The data in this study should be considered in light of some limitations. Many previous studies have looked exclusively at moderate-vigorous PA and not total volume of PA, making comparisons between our population and other studies difficult. Our study did not analyse intensity and type of PA, and these may have some influence on maternal and birth outcomes (Schlüssel et al. 2008). However, total volume of PA is emerging as an independent and influential factor in pregnancy outcomes (Gradmark et al. 2011), and using objective measures for assessing this is valuable when examining a dose–response relationship. Furthermore, the observational nature of the study, as well as the lack of continuous observation, makes it difficult to determine a causal relationship between the variables, and further research should include well-designed randomised controlled studies to determine the effect of PA on maternal and birth outcomes in this population. Observational accelerometer studies also have the potential to cause a hawthorne effect, whereby participants change their behaviours due to being monitored by an accelerometer. In addition, the presence of co-morbidities (such as gestational diabetes mellitus, hypertension and gestational complications) may affect both maternal and birth outcomes, however prevalence of most of these was too low and unlikely to influence the study results. Limited resources in our study setting did not allow for objective PA monitoring on a large scale, as has been done in other countries (Evenson and Wen 2011), therefore may limit the generalisability of the results to the larger population. Despite these limitations, this study is the first of its kind to objectively assess physical activity during pregnancy, and its effect on maternal and birth outcomes in a unique South African population.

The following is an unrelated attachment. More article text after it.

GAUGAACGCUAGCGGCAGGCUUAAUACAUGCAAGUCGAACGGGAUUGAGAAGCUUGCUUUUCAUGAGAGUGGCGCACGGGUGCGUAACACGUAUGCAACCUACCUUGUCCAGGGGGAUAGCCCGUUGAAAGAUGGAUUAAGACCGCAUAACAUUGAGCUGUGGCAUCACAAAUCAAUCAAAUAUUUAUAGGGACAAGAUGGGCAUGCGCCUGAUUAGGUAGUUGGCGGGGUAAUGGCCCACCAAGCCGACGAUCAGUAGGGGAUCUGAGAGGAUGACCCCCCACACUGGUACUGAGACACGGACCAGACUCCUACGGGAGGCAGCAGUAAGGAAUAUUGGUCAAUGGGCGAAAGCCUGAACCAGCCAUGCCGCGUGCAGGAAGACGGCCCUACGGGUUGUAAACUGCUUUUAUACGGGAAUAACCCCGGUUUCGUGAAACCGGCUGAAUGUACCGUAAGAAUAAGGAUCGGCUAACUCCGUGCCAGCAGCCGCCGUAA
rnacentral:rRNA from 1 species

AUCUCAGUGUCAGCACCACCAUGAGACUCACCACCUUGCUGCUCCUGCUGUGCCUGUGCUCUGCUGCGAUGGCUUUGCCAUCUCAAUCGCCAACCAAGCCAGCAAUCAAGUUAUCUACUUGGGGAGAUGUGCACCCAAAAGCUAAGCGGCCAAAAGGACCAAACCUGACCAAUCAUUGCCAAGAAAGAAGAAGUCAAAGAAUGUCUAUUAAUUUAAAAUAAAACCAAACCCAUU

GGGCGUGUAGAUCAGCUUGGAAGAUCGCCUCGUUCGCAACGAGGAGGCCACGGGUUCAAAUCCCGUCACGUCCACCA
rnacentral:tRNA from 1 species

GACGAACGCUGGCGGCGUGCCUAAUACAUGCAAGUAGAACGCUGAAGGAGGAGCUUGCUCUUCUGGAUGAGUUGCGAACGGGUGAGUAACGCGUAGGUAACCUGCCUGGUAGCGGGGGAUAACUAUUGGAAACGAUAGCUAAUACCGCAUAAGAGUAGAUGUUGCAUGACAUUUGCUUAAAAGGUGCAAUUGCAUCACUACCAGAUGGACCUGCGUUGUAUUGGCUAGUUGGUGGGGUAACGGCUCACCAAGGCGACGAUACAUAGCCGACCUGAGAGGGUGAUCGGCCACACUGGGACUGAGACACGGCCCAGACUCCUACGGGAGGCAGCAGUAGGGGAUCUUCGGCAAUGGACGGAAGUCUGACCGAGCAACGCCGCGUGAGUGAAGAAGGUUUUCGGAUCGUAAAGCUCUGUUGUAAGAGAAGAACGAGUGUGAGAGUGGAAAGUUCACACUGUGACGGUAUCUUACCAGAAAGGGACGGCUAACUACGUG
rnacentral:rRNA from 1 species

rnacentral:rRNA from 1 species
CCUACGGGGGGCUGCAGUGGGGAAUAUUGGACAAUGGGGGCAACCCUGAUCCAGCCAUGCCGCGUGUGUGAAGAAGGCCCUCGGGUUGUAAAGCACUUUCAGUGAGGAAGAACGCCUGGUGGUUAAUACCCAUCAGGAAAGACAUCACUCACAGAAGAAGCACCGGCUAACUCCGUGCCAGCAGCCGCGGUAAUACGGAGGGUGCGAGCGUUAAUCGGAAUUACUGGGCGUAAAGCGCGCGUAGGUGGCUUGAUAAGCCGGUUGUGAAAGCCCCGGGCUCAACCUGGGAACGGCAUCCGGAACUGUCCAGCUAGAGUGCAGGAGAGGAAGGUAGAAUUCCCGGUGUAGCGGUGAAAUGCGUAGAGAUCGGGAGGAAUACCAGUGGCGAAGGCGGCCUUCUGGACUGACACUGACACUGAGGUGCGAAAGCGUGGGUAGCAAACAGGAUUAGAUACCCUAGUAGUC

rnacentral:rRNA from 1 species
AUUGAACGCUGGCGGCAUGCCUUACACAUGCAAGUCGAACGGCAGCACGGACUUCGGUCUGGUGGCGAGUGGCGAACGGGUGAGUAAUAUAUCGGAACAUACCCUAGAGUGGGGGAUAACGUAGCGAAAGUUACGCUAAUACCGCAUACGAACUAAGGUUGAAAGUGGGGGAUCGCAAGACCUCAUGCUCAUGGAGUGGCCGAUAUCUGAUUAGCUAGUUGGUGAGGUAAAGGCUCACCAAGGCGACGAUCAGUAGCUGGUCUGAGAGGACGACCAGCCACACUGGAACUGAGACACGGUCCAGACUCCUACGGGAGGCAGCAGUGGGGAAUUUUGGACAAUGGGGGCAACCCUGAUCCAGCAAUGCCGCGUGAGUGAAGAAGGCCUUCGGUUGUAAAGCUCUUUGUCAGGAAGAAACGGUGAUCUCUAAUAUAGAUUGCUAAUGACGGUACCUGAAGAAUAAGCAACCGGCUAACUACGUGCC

In summary, total volume of PA significantly decreased from the second to the third trimester and this study highlights the need for future efforts to be directed at increasing, or maintaining, PA during pregnancy. In addition, total PA in the third trimester, and increasing PA levels, was associated with a reduction in gestational weight gain. We therefore support the evidence that “every little movement counts” (Ferraro et al. 2012) and future recommendations should encourage any physical activity in this population. Lastly, our study did not provide sufficient evidence for an association between PA and birth outcomes. Thus, this study supports the conclusion that PA is beneficial for maternal outcomes, whilst posing no adverse risk to the growing fetus. In a population where the majority of pregnant women are overweight and obese, PA interventions are needed to control gestational weight gain and minimise the potential effects of obesity on future generations.